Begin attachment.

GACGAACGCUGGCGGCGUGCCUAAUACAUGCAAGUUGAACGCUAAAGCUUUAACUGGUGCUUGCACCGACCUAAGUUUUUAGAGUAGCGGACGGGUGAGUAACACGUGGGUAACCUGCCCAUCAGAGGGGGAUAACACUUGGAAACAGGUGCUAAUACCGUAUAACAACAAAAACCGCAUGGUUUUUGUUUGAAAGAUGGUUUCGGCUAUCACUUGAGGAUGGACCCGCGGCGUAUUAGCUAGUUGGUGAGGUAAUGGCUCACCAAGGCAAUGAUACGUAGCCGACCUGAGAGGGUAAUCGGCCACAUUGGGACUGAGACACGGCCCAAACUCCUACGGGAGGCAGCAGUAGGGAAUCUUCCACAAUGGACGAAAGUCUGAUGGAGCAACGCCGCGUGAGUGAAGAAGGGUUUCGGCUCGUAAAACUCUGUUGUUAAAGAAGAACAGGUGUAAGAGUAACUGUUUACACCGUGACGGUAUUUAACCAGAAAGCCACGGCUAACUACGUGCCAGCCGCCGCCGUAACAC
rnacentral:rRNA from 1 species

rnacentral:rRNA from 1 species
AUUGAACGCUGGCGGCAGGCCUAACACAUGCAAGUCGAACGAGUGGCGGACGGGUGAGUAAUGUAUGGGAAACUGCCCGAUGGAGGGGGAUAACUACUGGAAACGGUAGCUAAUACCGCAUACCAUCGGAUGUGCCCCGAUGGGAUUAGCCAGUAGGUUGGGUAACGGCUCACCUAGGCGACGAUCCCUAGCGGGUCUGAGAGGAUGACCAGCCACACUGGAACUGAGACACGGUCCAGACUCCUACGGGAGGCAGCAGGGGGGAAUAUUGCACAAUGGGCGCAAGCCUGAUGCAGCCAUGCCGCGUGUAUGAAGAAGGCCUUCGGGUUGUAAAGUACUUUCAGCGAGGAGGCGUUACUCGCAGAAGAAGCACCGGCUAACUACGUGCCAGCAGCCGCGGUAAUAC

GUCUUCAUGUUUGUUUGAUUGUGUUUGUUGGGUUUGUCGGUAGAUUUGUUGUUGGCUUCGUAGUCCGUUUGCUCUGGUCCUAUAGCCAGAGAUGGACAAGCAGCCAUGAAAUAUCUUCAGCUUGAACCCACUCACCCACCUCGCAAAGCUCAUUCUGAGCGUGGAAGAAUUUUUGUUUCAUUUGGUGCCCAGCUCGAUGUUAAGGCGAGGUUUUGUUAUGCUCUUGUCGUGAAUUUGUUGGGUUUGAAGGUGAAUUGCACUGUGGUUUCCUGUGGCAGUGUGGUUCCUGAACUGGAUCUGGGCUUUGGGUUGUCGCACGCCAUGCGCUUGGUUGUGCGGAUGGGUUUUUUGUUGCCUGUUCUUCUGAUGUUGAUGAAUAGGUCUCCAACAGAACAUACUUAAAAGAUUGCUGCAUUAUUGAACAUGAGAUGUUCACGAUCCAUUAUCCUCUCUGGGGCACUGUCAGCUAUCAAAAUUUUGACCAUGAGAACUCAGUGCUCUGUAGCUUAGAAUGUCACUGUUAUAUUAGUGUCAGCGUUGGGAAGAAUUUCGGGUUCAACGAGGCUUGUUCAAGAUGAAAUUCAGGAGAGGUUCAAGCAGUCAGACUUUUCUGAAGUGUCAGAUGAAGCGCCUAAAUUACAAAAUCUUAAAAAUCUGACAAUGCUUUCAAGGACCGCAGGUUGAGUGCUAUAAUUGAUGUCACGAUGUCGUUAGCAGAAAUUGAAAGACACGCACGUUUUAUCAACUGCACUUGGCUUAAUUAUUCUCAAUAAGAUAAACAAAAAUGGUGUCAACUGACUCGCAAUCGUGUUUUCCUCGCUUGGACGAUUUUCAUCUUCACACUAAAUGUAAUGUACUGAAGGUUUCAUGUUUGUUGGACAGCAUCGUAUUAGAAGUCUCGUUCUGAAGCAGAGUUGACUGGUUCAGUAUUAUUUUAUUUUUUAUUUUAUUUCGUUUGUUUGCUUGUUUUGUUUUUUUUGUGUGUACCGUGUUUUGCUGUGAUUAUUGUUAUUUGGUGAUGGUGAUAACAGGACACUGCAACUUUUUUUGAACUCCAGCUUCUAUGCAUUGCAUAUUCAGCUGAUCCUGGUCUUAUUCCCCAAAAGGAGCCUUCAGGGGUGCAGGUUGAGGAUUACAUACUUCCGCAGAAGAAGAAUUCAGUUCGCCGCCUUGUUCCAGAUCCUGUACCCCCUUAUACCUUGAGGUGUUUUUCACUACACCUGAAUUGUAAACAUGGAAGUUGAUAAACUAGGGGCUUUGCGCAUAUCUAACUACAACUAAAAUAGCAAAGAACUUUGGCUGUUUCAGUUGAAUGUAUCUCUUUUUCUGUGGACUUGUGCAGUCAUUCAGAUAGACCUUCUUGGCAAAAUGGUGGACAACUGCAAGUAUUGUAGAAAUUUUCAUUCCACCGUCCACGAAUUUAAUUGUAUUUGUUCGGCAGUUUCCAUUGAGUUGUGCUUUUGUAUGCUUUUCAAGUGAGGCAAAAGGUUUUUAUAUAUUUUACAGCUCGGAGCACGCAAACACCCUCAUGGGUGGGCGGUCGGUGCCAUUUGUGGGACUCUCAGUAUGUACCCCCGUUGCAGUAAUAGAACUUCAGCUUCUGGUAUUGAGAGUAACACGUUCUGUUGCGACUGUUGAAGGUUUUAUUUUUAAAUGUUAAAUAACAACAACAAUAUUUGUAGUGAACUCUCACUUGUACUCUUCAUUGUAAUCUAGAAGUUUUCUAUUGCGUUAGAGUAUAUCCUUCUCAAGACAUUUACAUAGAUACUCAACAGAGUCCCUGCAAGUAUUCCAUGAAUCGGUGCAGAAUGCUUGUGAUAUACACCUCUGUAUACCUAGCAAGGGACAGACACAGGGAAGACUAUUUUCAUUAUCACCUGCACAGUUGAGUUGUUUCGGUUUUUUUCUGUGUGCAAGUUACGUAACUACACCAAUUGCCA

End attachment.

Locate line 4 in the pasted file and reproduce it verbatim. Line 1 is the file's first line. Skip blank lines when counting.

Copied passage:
AUUGAACGCUGGCGGCAGGCCUAACACAUGCAAGUCGAACGAGUGGCGGACGGGUGAGUAAUGUAUGGGAAACUGCCCGAUGGAGGGGGAUAACUACUGGAAACGGUAGCUAAUACCGCAUACCAUCGGAUGUGCCCCGAUGGGAUUAGCCAGUAGGUUGGGUAACGGCUCACCUAGGCGACGAUCCCUAGCGGGUCUGAGAGGAUGACCAGCCACACUGGAACUGAGACACGGUCCAGACUCCUACGGGAGGCAGCAGGGGGGAAUAUUGCACAAUGGGCGCAAGCCUGAUGCAGCCAUGCCGCGUGUAUGAAGAAGGCCUUCGGGUUGUAAAGUACUUUCAGCGAGGAGGCGUUACUCGCAGAAGAAGCACCGGCUAACUACGUGCCAGCAGCCGCGGUAAUAC